Expanding Learning Opportunities with Transmedia Practices (part 1)

Transmedia1

The Journal of the National Association for Media Literacy Education (NAMLE) published a long article by me in 2013 entitled “Expanding Learning Opportunities with Transmedia Practices: Inanimate Alice as an Exemplar”. I have decided to convert the article into readable chunks and serialize it here on my blog, particularly in light of this new wave of digital assessments that require our learners to think and communicate effectively across all forms of media.

The proliferation of digital and networking technologies enables us to rethink, restructure, and redefine teaching and learning. Transmedia storytelling takes advantage of the rapid convergence of media and allows teachers and learners to participate in rich virtual (and physical) environments that have been shown to foster students’ real emotional engagement with the process of learning. Transmedia learning applies storytelling techniques across multiple platforms to create immersive educational experiences that enable multiple entry and exit points for learning and teaching. By utilizing constructivist and connectivist precepts in the application of these techniques, we can create pedagogies that are transformative on many levels. Encapsulating these notions in the concept of the Transmedia LearningWorld (TLW) allows educators to combine the exciting affordances of the digital technologies with real-life experiences and truly learner-focused pedagogies to produce profoundly productive and powerful learning experiences.

In the US, the advent of Common Core State Standards is pushing schools and districts across the country to consider carefully the requirements for digital learning, including aspects of personalization, interoperability, taking our understanding of eLearning beyond a narrow focus on digital content, and encouraging significant shifts in pedagogical thinking and practice. The application of transmedia techniques and, in particular, the recognition of the power of the TLW give teachers tools that allow them to reach every child, including otherwise “reluctant” learners, and indeed that allow children themselves to drive their own learning. The digital novel Inanimate Alice is a proven example of a transmedia resource that can immerse students in an intense and motivating learning experience over time. Transmedia techniques leverage the power of collective intelligence in learners, and they enable educators to weave the narrative of curricula through media in a seamless and wholly interactive and participative fashion.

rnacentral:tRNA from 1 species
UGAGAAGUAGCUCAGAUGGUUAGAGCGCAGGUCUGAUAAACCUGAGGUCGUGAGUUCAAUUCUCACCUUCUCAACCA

Transmedia storytelling exemplifies learning in the twenty-first century. As a school library media specialist, I have realized the profound implications for effectively producing and consuming content across media platforms for both educators and learners. As an educator, I have come to recognize the place of transmedia in learning and how it applies to our instructional practices. This includes, amongst many others, the eternal power of storytelling, literacy in the digital age, the shifting locus of control in education from teacher to learner, the need now to consider a spectrum of transliteracies for our young people, and the merging of storytelling with the current crop of digital and networking technologies.

In the era of media convergence, transmedia (cross-media/cross-platform/multi-platform) narratives are catering to users who are willing to immerse themselves in their favorite entertainment content. The inherent interactivity of the Internet and the emotional engagement of story can lead to innovative pedagogies in media rich environments. My perspective and work has focused on transmedia storytelling as a pedagogical practice, with the digital novel Inanimate Alice (2005) at the forefront of my investigation.

Technologies have allowed us the opportunity to rethink, restructure, and redefine instruction in order to best advance media literacy education for all. A transmedia pedagogy allows learners and content to flow fluidly across media platforms. Students can enter their learning in a way that meets their needs and educators can draw upon the strengths of and maximize the power of individual platforms. Transcending content in this way allows for the collaborative sharing and proliferation of knowledge across the globe.